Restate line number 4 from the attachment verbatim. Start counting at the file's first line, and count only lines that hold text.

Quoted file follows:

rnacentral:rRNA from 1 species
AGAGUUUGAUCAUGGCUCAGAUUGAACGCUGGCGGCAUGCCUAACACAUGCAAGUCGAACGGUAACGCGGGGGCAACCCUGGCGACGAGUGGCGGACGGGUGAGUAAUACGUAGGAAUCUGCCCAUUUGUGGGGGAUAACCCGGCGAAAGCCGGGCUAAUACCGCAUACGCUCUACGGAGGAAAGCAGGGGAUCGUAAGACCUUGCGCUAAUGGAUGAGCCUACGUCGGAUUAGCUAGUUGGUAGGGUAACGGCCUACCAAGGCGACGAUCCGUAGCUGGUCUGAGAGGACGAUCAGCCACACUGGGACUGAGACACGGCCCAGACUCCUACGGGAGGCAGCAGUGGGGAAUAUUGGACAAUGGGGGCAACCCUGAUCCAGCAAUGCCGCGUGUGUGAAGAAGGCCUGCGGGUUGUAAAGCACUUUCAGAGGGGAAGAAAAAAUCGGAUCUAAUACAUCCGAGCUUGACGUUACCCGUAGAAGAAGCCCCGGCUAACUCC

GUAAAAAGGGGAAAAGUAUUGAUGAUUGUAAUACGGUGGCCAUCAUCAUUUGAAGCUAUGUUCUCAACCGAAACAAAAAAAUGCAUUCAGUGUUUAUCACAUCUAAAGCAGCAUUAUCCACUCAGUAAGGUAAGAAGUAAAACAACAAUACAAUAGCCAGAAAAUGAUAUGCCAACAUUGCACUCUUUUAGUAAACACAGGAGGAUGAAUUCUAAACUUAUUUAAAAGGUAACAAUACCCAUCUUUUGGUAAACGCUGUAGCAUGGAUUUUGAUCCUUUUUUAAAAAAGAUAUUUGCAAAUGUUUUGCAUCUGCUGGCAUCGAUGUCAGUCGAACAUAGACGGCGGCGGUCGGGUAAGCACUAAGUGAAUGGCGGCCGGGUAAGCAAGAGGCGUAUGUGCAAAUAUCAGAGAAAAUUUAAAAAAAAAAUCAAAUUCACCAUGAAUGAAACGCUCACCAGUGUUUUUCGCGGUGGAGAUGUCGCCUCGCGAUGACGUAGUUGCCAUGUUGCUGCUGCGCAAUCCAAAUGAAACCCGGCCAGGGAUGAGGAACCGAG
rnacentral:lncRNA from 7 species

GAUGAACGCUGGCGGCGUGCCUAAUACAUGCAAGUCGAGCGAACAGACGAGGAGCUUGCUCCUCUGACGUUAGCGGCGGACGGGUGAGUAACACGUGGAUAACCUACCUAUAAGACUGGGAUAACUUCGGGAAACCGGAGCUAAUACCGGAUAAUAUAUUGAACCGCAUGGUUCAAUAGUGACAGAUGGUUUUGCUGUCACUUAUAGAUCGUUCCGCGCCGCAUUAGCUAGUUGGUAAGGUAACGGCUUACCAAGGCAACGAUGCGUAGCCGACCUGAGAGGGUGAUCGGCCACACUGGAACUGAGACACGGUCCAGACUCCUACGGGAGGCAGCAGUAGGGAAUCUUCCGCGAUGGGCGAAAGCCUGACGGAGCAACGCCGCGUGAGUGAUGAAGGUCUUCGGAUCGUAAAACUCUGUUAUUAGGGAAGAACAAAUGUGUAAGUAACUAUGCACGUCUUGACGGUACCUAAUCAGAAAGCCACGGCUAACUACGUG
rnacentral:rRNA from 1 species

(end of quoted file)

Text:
rnacentral:lncRNA from 7 species